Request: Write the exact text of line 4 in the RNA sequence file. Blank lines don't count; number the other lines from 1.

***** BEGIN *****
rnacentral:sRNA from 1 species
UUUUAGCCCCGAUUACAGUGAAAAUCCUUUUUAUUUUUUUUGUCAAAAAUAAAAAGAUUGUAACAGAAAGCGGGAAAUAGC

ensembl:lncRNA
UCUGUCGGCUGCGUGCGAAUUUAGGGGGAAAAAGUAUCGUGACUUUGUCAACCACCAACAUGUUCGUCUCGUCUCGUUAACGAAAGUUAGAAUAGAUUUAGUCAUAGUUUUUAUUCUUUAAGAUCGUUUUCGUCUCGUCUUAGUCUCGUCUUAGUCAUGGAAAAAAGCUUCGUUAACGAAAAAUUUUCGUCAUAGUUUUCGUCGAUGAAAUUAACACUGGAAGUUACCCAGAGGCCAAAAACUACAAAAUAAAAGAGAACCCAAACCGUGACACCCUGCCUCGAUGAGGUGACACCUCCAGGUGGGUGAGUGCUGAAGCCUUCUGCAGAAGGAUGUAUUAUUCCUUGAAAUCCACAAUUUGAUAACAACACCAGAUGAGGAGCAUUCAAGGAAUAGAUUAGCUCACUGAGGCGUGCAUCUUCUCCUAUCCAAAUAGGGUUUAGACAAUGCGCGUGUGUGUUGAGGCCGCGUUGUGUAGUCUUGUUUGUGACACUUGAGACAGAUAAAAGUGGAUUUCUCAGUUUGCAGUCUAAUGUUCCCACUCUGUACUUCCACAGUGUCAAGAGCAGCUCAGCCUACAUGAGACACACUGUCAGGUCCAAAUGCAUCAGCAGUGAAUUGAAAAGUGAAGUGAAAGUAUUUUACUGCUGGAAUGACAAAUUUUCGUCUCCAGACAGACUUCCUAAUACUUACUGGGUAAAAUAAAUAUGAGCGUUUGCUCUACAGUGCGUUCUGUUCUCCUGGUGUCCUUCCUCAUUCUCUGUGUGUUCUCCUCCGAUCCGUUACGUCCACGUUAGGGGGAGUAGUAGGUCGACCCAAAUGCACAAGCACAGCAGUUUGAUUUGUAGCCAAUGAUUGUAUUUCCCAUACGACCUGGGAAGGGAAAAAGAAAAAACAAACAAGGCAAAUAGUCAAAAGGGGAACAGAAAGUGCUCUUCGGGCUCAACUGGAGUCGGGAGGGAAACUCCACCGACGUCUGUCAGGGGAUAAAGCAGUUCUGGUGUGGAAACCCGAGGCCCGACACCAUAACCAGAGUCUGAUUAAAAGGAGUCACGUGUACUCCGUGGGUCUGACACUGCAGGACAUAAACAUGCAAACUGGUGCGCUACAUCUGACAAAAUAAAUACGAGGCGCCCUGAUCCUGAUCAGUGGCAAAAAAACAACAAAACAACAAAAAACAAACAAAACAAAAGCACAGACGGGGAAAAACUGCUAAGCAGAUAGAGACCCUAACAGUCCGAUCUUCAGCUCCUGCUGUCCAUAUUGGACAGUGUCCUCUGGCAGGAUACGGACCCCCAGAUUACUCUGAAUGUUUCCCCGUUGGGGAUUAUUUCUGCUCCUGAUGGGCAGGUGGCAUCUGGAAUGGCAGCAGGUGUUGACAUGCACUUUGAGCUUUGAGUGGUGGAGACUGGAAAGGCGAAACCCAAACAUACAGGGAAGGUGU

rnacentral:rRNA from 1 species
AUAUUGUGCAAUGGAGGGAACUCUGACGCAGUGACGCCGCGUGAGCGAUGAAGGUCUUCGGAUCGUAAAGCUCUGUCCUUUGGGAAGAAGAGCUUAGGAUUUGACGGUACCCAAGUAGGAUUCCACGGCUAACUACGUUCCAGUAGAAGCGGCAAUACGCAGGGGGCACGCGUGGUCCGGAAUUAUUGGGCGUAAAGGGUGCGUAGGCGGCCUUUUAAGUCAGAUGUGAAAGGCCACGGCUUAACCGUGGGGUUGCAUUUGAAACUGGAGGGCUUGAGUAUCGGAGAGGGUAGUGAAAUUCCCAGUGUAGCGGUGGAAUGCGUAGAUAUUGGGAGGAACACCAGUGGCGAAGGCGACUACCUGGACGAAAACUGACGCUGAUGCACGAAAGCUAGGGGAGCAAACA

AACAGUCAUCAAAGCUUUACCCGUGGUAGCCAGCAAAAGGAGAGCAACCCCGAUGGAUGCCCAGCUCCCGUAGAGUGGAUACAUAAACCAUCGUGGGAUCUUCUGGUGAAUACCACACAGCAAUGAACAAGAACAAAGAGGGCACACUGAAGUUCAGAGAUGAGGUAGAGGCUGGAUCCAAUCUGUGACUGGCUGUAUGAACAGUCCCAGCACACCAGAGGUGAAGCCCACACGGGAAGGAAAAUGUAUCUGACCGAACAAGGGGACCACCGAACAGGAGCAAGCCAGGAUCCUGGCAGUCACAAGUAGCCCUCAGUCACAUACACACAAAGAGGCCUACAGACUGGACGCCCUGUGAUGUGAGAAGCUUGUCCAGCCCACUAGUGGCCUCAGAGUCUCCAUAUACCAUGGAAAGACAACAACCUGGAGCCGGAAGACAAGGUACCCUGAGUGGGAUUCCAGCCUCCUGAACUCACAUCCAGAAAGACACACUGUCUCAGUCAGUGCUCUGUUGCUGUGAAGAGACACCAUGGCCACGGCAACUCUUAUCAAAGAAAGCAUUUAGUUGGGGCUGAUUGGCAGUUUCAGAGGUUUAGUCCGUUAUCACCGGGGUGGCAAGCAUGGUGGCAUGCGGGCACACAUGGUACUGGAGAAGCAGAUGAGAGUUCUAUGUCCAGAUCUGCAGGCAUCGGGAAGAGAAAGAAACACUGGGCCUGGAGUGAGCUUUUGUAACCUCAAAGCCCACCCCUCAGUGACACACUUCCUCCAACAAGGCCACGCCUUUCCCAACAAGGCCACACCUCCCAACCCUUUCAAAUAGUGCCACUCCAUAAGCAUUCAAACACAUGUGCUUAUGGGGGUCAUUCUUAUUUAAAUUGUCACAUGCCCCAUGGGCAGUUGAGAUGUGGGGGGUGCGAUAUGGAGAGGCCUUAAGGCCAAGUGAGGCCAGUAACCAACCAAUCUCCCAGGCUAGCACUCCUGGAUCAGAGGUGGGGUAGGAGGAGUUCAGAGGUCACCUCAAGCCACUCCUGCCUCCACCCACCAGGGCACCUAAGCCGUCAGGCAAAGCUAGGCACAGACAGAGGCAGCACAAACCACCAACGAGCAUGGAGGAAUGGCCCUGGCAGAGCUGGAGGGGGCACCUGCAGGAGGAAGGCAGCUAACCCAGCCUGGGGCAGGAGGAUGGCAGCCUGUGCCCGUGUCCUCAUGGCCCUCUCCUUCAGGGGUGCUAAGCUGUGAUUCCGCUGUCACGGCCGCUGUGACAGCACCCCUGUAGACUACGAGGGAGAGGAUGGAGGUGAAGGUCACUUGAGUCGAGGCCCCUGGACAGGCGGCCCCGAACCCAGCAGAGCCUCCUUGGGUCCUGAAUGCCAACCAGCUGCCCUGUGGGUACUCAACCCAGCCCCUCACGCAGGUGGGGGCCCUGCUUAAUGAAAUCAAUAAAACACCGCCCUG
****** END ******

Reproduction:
UCUGUCGGCUGCGUGCGAAUUUAGGGGGAAAAAGUAUCGUGACUUUGUCAACCACCAACAUGUUCGUCUCGUCUCGUUAACGAAAGUUAGAAUAGAUUUAGUCAUAGUUUUUAUUCUUUAAGAUCGUUUUCGUCUCGUCUUAGUCUCGUCUUAGUCAUGGAAAAAAGCUUCGUUAACGAAAAAUUUUCGUCAUAGUUUUCGUCGAUGAAAUUAACACUGGAAGUUACCCAGAGGCCAAAAACUACAAAAUAAAAGAGAACCCAAACCGUGACACCCUGCCUCGAUGAGGUGACACCUCCAGGUGGGUGAGUGCUGAAGCCUUCUGCAGAAGGAUGUAUUAUUCCUUGAAAUCCACAAUUUGAUAACAACACCAGAUGAGGAGCAUUCAAGGAAUAGAUUAGCUCACUGAGGCGUGCAUCUUCUCCUAUCCAAAUAGGGUUUAGACAAUGCGCGUGUGUGUUGAGGCCGCGUUGUGUAGUCUUGUUUGUGACACUUGAGACAGAUAAAAGUGGAUUUCUCAGUUUGCAGUCUAAUGUUCCCACUCUGUACUUCCACAGUGUCAAGAGCAGCUCAGCCUACAUGAGACACACUGUCAGGUCCAAAUGCAUCAGCAGUGAAUUGAAAAGUGAAGUGAAAGUAUUUUACUGCUGGAAUGACAAAUUUUCGUCUCCAGACAGACUUCCUAAUACUUACUGGGUAAAAUAAAUAUGAGCGUUUGCUCUACAGUGCGUUCUGUUCUCCUGGUGUCCUUCCUCAUUCUCUGUGUGUUCUCCUCCGAUCCGUUACGUCCACGUUAGGGGGAGUAGUAGGUCGACCCAAAUGCACAAGCACAGCAGUUUGAUUUGUAGCCAAUGAUUGUAUUUCCCAUACGACCUGGGAAGGGAAAAAGAAAAAACAAACAAGGCAAAUAGUCAAAAGGGGAACAGAAAGUGCUCUUCGGGCUCAACUGGAGUCGGGAGGGAAACUCCACCGACGUCUGUCAGGGGAUAAAGCAGUUCUGGUGUGGAAACCCGAGGCCCGACACCAUAACCAGAGUCUGAUUAAAAGGAGUCACGUGUACUCCGUGGGUCUGACACUGCAGGACAUAAACAUGCAAACUGGUGCGCUACAUCUGACAAAAUAAAUACGAGGCGCCCUGAUCCUGAUCAGUGGCAAAAAAACAACAAAACAACAAAAAACAAACAAAACAAAAGCACAGACGGGGAAAAACUGCUAAGCAGAUAGAGACCCUAACAGUCCGAUCUUCAGCUCCUGCUGUCCAUAUUGGACAGUGUCCUCUGGCAGGAUACGGACCCCCAGAUUACUCUGAAUGUUUCCCCGUUGGGGAUUAUUUCUGCUCCUGAUGGGCAGGUGGCAUCUGGAAUGGCAGCAGGUGUUGACAUGCACUUUGAGCUUUGAGUGGUGGAGACUGGAAAGGCGAAACCCAAACAUACAGGGAAGGUGU